The events of the reign of Asshurbanipal (668-626 B.C.; Greek, Sardanapalus, Aram. Osnappar, Ezra iv, 10) are hard to make out, not because of paucity of material, for it is abundant, nor because of roughness or carelessness, for the annals are elegant and polished, but because the chronological clue is not given. It is clear, however, that his first movement was to the borderland between Elam and Babylonia, where his presence prevented serious trouble. A new invasion of Egypt was made necessary by Tirhakah’s return, the Assyrian forces being gathered partly on the Mediterranean coast. Tirhakah was defeated, and the country occupied this time as far south as Thebes. A new rising which took place almost immediately was as quickly punished in ruthless fashion, and enormous booty was sent home. A third insurrection under the son of the now dead Tirhakah was futile. Tyre had finally submitted and sent tribute. But the story continues of revolts in different parts of the empire which presage its speedy fall. The king was occupied in desperate attempts to maintain himself. Participation in these led to the conquest of Elam up to the very walls of Susa. Even his brother on the throne of Babylon revolted; but Asshurbanipal’s movements were swift and sure. Babylon, Borsippa, Sippara, and Cutha were beset; Shamash-shum-ukin in despair burned himself in his own palace; and people from the captured towns were settled in Samaria. A new challenge from Elam was accepted; and finally Susa was taken with immense booty. The usual success attended the king’s final campaign in Arabia. The results of this long succession of successful wars was the heaping up of enormous wealth in the cities of Assyria, particularly in Nineveh. The end of a victorious campaign was the transportation of precious metals, works of art, flocks, and herds, and, in the later reigns, of people as slaves to Assyria. The great works of the Assyrian kings were doubtless in great part the product of the toil of captives. And the captors of Nineveh fell heir to this immense wealth. Asshurbanipal’s wars were not his only interest. Apart from the palace which he built, the walls of which were lined with sculptured reliefs, he was fond of the hunt, and his contests with lions are frequently portrayed. Most significant for modern times was his interest in literature. His library, uncovered by George Smith, was amassed by the copying of tablets from libraries in the south, and contained works on history, ethics, science, religion, and linguistics.
15. Asshurbanipal’s Successors, 626-505 B.C.
Asshurbanipal was succeeded by his son Asshur-etil-ilani, of whom it is known that he built or restored the temple E-zida in Calah, and that during his fourth year he claimed the title of king of Sumer and Akkad. Whether a Sin-shum-lishir next reigned is not known; but mention of him as a king of Assyria has been found. A Sin-shar-ishkun is known from three tablets from Sippar and Erech. In his seventh year he was still king of a part of Babylonia, though not of Babylon, over which Nabopolassar had established himself. Upon an invasion of Babylonia by the Assyrian, Nabopolassar invoked the aid of the Umman-Manda, and Sin-char-ishkun was forced to retreat, Nabopolassar securing the provinces as the former evacuated them. It seems that one branch of the Scythians were allies of the Assyrians at this time and actually defeated the armies of the assailants, thus prolonging the life 333of Nineveh. The rush of the Scythians, which so terrified western Asia and elicited the prophecies of Nahum and Zephaniah (Driver, Introduction, 5th ed., 1894, pp. 314-320), is to be explained by their alliance with Assyria and a desire to attack Egypt, the king of which, Psammetichus, had assailed Philistia. Their sudden disappearance is as remarkable as their unheralded coming.
The Umman-Manda returned soon to Nineveh. The story of the siege is unknown; but the city fell 607-606 B.C., and its vast treasures became the nucleus of the tremendous wealth of the later Persian empire. With it fell the empire which twenty-five years earlier had controlled all southwestern Asia.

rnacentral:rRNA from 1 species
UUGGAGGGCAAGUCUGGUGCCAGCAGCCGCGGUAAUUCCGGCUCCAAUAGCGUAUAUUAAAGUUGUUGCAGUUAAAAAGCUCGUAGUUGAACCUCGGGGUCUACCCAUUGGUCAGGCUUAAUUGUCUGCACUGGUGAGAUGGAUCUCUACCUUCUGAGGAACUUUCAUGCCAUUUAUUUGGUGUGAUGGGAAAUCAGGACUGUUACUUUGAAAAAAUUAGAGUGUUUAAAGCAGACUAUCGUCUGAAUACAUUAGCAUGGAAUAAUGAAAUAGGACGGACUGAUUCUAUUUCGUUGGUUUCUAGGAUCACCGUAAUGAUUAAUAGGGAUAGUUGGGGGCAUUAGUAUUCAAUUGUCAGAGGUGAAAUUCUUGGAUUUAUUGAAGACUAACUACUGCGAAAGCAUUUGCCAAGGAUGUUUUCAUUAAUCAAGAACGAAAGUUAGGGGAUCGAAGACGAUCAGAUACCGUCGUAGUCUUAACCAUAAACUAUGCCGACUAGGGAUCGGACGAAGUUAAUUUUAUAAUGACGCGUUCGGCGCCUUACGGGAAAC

VII. The Religion.
1. Relation to Babylonian Religion.
From the relationship of Assyrians and Babylonians set forth in the preceding it would be expected that both resemblances and differences would be found to exist in the two religions. The resemblances are as follows: (1) The general character of the cults is the same; the liturgies, prayers, psalms are often identical, as are some of the deities. (2) The goddesses are of minor importance in Assyria, appearing hardly as prominent as in the southern land. Theoretically the gods had consorts; practically these are but shadows and a name. (3) The great exceptions to this in both countries were the Ishtars; to the extent exhibited below, the pantheons were the same, at least in theory (see Babylonia). The dissimilarities are: (1) Asshur assumes the character of a national god as far back as he can be traced. (2) His aloofness is a new feature; he in particular seems ever without consort and family. (3) The next difference needs stating at some length. In their annals the Babylonians laid great stress upon their temple-building, even more than upon wars and the construction of palaces. From the emphasis laid upon religion, and the care taken to house the divinities and provide for their maintenance, the country seems priest-ridden, with the kings devoted first of all to religion. The Assyrians, on the other hand, while indeed they often built or restored temples, devoted much less space to the recital of their operations and put far less emphasis on the story of this activity than on that attending their wars and the construction of their palaces. They seemed less absorbed in their religion, though not less devout when worshiping. It is a case of correctly reading in a lesser abundance of matter a lower quality of intensity. Religion seemed less on the Assyrian’s mind. (4) The pantheon was much smaller. Tiglath-Pileser I, one of the most pious of Assyrian monarchs, names Asshur, Bel (rarely named elsewhere), Sin, Ramman, Ninib, and Ishtar. Shalmaneser II mentions on the obelisk, in addition to the gods of Tiglath-Pileser I, Anu, Ea, Marduk, Nergal, Nusku, and Belit. It is just the deities mentioned here which were most generally disregarded; and their notice by this king is doubtless to be traced to his attempt to fuse more closely the north and the south. Asshurbanipal omits Anu, Ea, Marduk, and Belit, but mentions two Ishtars and adds Nebo. But a caveat should be entered here, which is justified by knowledge of facts existing in other lands where a similar civilization had been attained; as in Oriental countries generally, so in Assyria there were an aristocratic or official cult and a popular and democratic cult. The pantheon of the kings, particularly of Tiglath-Pileser, represented the former; the peasant and farmer worshiped the gods and spirits of field, tree, and fountain, and these did not get into the inscriptions.